Joyful Sukkot festival offers crafts, cuisine, carousing

The sweet, sad, but lively klezmer clarinet of the Ellis Island Old World Folk Band could have served as a musical metaphor for Sunday's Sukkot festival in San Francisco. The air was breezy, the sky was overcast, but the mood was joyful.

Music wafted over the crowd of hundreds of people who strolled down Arguello Boulevard for the "Festival of the Booths," sponsored by Terry Pimsleur & Co., Congregation Emanu-El and the Jewish Bulletin of Northern California.

People listened to the music of Ellis Island and other live bands, checked out the crafts, and sampled latkes, falafel and other ethnic foods at the all-day event.

At one booth, the music of Rebbe Soul (aka Bruce Burger) offered jazzy, new age-styled versions of traditional Jewish music. This appealed to Pamela Milstein, who lives in the inner Richmond neighborhood where the festival was held. "I walked by the booth several times and the music really caught me," she said, putting the autographed compact disc she bought alongside her other festival purchases — a necklace whose centerpiece was an Israeli coin, and two breadcutters she purchased as gifts.

"There's a nice variety of art to choose from here," Milstein observed. "The festival is one of the few places I've been able to find art pieces that are Jewish-themed." Among those pieces were various menorot made from a variety of materials — brass, copper, glass and ceramic — handwoven tallitot, and Lila Wahrhaftig's handmade paper amulets.

Wahrhaftig, the artist who created the design that served as the festival's logo, explained that each amulet has a specific meaning. "This one is for success," she said, pointing to a piece that was round and flat, "this one is for new beginnings, and this one is for general protection." Indicating the Hebrew letters on each amulet, she said, "the acronyms are very old and go back a couple thousand years. They are from verses in the Bible that have been interpreted as giving different kinds of protection. There are about 135 different traditional Jewish acronyms for protection, either from the Bible or from the Torah."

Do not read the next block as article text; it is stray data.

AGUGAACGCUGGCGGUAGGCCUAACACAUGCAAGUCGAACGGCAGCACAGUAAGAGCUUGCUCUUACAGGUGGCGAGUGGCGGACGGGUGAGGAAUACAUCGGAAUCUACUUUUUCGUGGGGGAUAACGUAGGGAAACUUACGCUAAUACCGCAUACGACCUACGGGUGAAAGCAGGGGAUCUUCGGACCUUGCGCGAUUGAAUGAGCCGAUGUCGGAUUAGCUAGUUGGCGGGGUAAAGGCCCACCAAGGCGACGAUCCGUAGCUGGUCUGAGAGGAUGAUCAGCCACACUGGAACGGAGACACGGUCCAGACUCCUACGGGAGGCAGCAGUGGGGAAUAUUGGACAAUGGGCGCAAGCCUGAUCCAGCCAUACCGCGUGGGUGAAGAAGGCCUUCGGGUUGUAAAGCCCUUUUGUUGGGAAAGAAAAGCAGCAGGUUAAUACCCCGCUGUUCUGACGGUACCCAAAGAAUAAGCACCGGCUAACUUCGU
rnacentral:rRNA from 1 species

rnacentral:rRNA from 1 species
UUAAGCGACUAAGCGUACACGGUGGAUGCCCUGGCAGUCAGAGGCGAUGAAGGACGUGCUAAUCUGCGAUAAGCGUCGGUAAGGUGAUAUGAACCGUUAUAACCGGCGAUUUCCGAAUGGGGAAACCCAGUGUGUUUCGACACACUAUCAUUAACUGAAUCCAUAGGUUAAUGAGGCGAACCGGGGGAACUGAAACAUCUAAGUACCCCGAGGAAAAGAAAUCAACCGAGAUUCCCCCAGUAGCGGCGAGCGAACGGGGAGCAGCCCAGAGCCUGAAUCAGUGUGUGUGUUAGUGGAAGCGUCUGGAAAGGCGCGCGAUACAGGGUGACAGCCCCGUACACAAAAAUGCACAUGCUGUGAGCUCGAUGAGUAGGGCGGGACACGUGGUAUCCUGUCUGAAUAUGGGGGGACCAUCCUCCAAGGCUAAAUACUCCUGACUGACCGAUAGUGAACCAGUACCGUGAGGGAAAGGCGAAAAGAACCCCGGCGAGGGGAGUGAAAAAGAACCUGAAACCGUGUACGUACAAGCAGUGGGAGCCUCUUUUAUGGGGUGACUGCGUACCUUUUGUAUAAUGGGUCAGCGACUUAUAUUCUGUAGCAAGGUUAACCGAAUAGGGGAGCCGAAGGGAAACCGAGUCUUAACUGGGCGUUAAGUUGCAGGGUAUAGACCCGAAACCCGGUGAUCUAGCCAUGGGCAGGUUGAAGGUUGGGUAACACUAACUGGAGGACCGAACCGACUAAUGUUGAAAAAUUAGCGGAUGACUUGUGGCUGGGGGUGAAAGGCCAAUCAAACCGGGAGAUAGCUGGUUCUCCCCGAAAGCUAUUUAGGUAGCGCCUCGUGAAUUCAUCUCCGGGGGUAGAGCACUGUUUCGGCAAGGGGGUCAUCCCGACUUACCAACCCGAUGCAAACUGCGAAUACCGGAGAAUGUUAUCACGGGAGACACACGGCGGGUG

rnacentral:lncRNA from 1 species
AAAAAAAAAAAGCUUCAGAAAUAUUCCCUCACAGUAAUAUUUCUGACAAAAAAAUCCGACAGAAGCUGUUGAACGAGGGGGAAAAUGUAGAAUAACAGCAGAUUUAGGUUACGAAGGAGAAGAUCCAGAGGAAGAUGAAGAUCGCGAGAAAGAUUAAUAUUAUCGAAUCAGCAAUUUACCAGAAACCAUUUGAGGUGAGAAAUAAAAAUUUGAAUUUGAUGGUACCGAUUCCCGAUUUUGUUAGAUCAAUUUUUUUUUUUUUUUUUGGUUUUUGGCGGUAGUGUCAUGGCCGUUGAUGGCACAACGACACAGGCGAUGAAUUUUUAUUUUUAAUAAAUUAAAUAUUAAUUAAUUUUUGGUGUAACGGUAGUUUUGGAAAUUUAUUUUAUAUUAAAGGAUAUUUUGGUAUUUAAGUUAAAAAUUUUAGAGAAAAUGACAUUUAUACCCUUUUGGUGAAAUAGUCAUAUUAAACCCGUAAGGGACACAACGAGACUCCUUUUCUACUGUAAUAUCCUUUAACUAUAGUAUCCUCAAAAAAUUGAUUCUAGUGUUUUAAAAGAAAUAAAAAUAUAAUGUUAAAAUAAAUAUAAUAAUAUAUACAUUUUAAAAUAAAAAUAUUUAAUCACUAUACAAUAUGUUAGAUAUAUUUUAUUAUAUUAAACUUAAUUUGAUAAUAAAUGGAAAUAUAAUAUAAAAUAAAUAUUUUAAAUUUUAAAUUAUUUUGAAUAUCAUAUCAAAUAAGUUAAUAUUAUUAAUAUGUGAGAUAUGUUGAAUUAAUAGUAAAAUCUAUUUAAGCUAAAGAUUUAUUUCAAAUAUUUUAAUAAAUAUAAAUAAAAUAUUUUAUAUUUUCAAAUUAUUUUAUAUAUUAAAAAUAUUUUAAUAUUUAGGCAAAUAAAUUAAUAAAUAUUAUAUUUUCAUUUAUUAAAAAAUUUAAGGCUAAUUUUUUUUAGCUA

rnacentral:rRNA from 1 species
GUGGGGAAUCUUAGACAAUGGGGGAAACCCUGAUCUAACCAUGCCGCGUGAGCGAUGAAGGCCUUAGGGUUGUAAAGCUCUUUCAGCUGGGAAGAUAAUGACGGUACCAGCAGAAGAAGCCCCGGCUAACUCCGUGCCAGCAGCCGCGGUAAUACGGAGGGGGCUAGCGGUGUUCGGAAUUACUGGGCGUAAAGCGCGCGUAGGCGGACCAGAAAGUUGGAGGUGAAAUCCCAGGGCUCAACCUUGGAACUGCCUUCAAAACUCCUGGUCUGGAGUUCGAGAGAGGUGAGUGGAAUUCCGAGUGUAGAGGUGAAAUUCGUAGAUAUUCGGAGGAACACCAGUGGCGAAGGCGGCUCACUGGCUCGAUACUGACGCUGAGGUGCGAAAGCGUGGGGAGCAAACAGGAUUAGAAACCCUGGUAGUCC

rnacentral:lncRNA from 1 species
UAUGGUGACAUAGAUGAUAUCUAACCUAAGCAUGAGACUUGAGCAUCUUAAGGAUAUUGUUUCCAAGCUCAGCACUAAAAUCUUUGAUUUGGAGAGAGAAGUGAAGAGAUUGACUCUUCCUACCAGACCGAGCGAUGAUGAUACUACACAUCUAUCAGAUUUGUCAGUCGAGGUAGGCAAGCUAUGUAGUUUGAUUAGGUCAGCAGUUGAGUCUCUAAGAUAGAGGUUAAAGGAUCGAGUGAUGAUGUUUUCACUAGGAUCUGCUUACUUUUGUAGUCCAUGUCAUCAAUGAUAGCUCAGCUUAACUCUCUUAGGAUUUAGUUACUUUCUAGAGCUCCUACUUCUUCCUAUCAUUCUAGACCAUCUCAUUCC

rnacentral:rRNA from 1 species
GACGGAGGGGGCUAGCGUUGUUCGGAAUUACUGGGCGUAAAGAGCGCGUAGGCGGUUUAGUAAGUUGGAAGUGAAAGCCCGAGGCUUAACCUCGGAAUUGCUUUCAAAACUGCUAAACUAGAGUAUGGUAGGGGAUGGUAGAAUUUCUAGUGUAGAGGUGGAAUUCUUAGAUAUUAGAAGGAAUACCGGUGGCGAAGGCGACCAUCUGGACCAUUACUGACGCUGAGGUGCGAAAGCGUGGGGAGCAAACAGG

Along with serious art pieces were many humorous items — decorative ceramic fish and frogs, jackets and jeans painted with The Cat in the Hat, Winnie-the-Pooh and Beverly Eigner's Judaica.

Eigner displayed her bow ties, neckties, suspenders, and table runners decorated with menorot, dreidels, and Stars of David, noting proudly that workers from Saul's Delicatessen in Berkeley wear her ties when they cater Chanukah parties.

If Eigner's booth exemplified the lighter side of crafts on display, Bruce Avinoam Glansbeek's glass designs showcased the more serious. He and his wife, Shari Wyne, traveled from their home in Medford, Ore., to participate in the festival. Among Glansbeek's art glass are beautiful mezzuzah holders, glass menorot, and Star of David string ties.

At the urging of his wife, Glansbeek gave up his job as a commercial fisherman in Alaska eight months ago to work full-time on creating glass art. Now his merchandise can be found at many Bay Area Judaica stores. "It's different from anything else," he said of his artworks. "Nothing is sandblasted or painted. Each piece is actually carved out of the glass."

At the Sukkot festival, there was a lot of food to sample, including barbecue and churros. But the longest lines were for the latkes and spinach knishes, located near the entrance to the courtyard of Congregation Emanu-El. Inside the courtyard, children sat at low tables and colored pictures of the harvest.

The eight-day Sukkot celebration commemorates both the autumn harvest and the time the wandering Israelites, liberated from Egyptian bondage, dwelt in the desert in temporary booths.

In a wooden sukkah decorated with apples, squash, and dried blossoms, people waved the lulav (palm branch) in the four directions of the compass, symbolizing the dispersion of the Jews after the destruction of the Temple of Jerusalem in 70 BCE.

As he made his way through the festival, Philipe Chouraki peered at the booth of hanging "sky chairs," swinging chair-hammocks and footrests hanging from ropes that were soothing several children at the festival. His toddlers, exploring the propeller-topped caps on sale at one booth, were hardly ready to be suspended in midair. "This is fun," said Chouraki, who grew up in France, where he said Jewish festivals are scarce. "We've met people we know here. It's a nice community feeling."